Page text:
From humble beginnings four years ago, the private Sage School in Hailey, now in its fifth year, continues to attract more students, with enrollment now five times larger than in the beginning.
There were 14 students when the school opened its doors in 2009 to grades 8-12. For this school year, enrollment has climbed to 79, in grades 6-12.
The Sage School claims on its website that some students in the public school system feel alienated, as if teachers and adults don’t care about them. Furthermore, it says, some students have a perception of not having a useful role in society.
The Sage School focuses on changing that trend, trying to help its students realize their own potential, understand who they are and where they fit into the community.
“Our community service is in our schedule every week,” said Head of School Harry Weekes. “Each week, every student does two hours of community service. You’ll see in our mission statement that sense of worth is certainly part of it, but it’s more a matter of self-awareness.
“I think that happens in all schools, but that’s our focus and mission and we also do it intentionally.”
The schools mission statement states that the purpose of the school is to “create an intensive, experiential learning environment for adolescents that is committed to educational excellence and the development of self-awareness through community action and humanitarian and ecological responsibility.”
The school’s vision is to “help create sustainable and thriving human and ecological communities.”
The growth in enrollment demonstrates that parents and students are increasingly interested in what The Sage School has to offer.
“More people have seen it working, getting a sense of what it’s doing and seeing that it is working,” Weekes said. “Now, we’re going into our fifth year, so it’s not as frightening to send your kid to a new school. People see that we are offering a legitimate school and a distinctive school.”
A big part of helping students achieve self-awareness is experiential learning through field trips. Weekes said each student participates in five weeks of field trips per year. The school starts with two weeks of field trips in the fall, another week mid-winter during President’s Day week and a final two weeks during the last two weeks of the school year.
“The goal of this program is to get students into the field, to build community within each group of our students and within the whole school, to create specific and diverse experiences around our academic themes, to work with and take advantage of local, area and regional resources and for students to become hands-on familiar with our place and region within a 300-mile radius of the school,” Weekes wrote in an email to the Idaho Mountain Express. “We consider this space our extended campus and do everything we can to have our students familiar with this space. Over the course of seven years at school, students will spend the equivalent of one full year in the field.”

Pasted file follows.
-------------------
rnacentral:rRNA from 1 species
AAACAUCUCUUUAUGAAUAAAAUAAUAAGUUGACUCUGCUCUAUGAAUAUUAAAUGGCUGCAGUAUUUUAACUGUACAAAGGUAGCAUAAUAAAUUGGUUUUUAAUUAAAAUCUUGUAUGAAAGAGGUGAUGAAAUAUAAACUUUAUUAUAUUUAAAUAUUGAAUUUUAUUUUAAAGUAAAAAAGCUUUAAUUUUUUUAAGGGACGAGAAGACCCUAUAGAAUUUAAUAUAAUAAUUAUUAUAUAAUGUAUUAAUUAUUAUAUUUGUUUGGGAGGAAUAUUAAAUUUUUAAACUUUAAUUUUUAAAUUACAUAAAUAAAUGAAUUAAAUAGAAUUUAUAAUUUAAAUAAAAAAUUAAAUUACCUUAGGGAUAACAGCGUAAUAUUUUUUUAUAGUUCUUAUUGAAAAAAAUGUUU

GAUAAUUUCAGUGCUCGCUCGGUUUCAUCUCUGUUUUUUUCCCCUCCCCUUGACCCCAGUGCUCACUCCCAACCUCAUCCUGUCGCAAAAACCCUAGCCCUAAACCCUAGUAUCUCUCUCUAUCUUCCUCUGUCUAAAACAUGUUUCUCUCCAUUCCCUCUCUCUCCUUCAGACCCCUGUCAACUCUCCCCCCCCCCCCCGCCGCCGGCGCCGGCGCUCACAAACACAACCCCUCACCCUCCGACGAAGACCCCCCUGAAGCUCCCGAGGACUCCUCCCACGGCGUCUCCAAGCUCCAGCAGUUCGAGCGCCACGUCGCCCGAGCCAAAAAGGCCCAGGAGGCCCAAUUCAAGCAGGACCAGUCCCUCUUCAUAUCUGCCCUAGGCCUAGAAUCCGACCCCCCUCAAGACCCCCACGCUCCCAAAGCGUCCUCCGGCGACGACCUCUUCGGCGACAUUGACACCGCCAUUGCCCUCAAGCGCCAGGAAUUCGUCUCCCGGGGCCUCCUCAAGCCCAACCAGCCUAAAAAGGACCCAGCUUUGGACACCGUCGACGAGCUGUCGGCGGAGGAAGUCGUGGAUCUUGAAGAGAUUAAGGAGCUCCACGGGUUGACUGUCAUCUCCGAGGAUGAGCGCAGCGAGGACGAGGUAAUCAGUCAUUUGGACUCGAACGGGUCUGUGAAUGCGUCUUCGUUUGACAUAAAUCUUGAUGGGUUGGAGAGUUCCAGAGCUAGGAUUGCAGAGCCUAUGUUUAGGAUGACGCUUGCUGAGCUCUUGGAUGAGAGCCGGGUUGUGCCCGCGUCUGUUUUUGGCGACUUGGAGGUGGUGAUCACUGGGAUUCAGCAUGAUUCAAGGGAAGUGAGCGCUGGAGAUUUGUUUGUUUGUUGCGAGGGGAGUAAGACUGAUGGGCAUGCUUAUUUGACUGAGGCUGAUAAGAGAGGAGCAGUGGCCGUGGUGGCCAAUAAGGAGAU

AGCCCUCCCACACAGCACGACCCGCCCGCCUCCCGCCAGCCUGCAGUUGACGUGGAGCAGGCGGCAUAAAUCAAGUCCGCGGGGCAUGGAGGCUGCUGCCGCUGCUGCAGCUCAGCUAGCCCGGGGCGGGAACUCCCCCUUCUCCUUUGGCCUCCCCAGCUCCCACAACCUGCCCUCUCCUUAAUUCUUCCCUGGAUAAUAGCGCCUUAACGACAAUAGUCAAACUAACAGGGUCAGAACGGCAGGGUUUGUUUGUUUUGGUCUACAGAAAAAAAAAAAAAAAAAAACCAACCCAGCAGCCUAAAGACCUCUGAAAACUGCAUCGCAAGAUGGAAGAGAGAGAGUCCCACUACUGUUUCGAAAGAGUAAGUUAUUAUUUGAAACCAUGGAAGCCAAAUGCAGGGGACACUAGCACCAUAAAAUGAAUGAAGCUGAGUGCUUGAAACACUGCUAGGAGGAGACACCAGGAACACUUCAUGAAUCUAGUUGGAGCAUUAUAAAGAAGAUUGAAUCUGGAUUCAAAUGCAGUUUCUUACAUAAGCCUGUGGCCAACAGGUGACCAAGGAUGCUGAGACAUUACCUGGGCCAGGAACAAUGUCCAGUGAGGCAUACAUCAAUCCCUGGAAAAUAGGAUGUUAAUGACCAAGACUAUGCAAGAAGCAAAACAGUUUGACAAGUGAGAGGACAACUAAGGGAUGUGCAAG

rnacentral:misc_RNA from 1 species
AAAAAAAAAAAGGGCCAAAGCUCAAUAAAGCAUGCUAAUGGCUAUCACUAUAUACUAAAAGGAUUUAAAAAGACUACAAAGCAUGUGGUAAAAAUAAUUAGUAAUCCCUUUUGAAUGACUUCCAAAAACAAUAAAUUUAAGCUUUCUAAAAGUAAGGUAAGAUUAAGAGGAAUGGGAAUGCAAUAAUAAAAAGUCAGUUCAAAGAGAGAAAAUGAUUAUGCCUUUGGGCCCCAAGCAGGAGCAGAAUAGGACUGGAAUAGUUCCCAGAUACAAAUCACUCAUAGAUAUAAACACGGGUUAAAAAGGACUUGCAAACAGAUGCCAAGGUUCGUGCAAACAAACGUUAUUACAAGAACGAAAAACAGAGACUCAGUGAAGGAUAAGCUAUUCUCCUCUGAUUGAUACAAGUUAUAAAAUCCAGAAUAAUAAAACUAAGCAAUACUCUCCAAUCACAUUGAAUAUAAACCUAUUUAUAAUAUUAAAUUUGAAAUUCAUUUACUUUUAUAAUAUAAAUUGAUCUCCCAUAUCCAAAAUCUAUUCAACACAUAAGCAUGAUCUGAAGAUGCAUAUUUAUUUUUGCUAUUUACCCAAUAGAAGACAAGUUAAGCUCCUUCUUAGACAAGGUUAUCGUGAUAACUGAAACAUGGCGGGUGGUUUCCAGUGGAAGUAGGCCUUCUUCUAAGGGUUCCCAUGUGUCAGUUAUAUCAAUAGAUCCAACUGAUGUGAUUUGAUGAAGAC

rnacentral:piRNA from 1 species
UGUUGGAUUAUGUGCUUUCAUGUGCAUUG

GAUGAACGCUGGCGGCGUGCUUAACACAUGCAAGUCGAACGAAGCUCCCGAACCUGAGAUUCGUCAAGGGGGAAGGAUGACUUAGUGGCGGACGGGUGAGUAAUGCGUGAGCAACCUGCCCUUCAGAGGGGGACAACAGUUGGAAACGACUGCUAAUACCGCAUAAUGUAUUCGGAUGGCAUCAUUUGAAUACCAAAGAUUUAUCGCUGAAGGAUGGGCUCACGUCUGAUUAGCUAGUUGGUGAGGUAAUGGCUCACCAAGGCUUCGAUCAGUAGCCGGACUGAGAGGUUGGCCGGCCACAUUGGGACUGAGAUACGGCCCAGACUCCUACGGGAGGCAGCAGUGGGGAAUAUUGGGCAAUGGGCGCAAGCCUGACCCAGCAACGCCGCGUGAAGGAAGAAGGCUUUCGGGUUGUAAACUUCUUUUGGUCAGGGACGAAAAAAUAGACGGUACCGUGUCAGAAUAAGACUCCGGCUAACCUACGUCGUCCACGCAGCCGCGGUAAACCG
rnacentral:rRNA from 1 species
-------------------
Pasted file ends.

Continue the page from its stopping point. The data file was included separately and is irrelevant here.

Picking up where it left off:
Recent field trips by sixth- and seventh-graders included a College of Southern Idaho “rope course,” rock climbing at the City of Rocks and camping in Copper Basin.
Eighth- and ninth-graders went river rafting in the Payette River, went to Lowman to study fire ecology and worked on salmon restoration in Redfish Lake with the Idaho Department of Fish and Game.
Tenth- through twelfth-grade students went bowling, attended a native edible and medicinal plants workshop, visited the University of Idaho Agricultural Research Station in Parma and took an agricultural tour of regional dairies and farms.
The Sage School was founded in 2009 by Weekes, former Blaine County School District educator Barge Levy and Chris McAvoy, who is the assistant head of school. Levy is no longer with the school, having semi-retired. Both Weekes and McAvoy, who also teach, are former teachers at the independent Community School in Sun Valley.
Weekes said another person instrumental in founding The Sage School was Karen Oswald, an original board member.
“She was a lot of the good momentum and energy and got us moving in the right direction,” Weekes said.
From an original staff of three, the school has grown to 13 full-time employees.
Terry Smith: email@example.com